A Look at the Future of RNA-Seq

from Genetic Engineering News- Third-Generation Sequencing Debuts
by Vicki Glaser

Helicos BioSciences

In Helicos’ tSMS technology, labeled nucleotides are mixed with nucleic-acid templates immobilized on a flow cell. Detection of the fluorescent signals emitted as a result of each base addition is performed in the HeliScope™ Genetic Analysis System. The Helicos system can sequence 105–180 megabases/hour with average read lengths of 33–36 bases from templates ranging in length from 25 to 5,000 bases.

It will enable a range of applications including chromatin profiling by direct sequencing of immunoprecipitated DNA, direct RNA sequencing, small RNA quantitation, digital gene expression, copy number variation assessment, and epigenetic analysis.

For direct RNA sequencing, the system can produce 300–400 million aligned reads/run with an average read length of 34 nucleotides (range 25–55) and a <5% per nucleotide error rate. Dr. Milos presented qualitative and quantitative data from RNA studies using tSMS to map the 3´ ends of RNA transcripts from yeast and human liver cells, producing a high-resolution map of 3´ polyadenylation sites. Another project under way is using direct RNA sequencing to study a pool of micro-RNAs and generate miRNA count distribution. Early results suggest that the technique yields greater quantitative accuracy than conventional cDNA-based methods.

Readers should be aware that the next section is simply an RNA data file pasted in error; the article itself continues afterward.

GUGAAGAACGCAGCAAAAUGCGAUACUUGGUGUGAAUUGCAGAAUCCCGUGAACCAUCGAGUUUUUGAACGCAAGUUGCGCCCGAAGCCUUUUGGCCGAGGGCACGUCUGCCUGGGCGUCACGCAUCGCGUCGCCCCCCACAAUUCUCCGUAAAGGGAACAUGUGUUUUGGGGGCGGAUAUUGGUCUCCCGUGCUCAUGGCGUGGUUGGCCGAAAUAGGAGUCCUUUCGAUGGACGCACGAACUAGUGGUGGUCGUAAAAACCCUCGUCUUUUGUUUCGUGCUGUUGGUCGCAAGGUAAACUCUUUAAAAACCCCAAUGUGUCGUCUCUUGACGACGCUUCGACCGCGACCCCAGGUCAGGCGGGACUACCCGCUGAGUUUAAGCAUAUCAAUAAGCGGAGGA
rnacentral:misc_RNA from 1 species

Pacific BioSciences

In Pacific BioSciences SMRT™ sequencing technology, sequencing takes place on SMRT cells, each of which contains thousands of zero-mode waveguides (ZMWs). Each ZMW represents a hole tens of nanometers in diameter in a metal film that has been deposited on a silicon dioxide substrate.

The PacBio system generates both DNA sequence and epigenomic information directly from the real-time sequencing of genomic DNA. Single-molecule sensitivity enables faster results and longer read lengths.

Within about two years, the company plans to offer an application that will enable direct RNA sequencing in real time on the SMRT system without the need to convert RNA to cDNA. This application will provide insights into the epigenetics of RNA. An example was presented at the AGBT conference in which RNA sequencing using SMRT technology could distinguish pseudo-uridine from its native analog.

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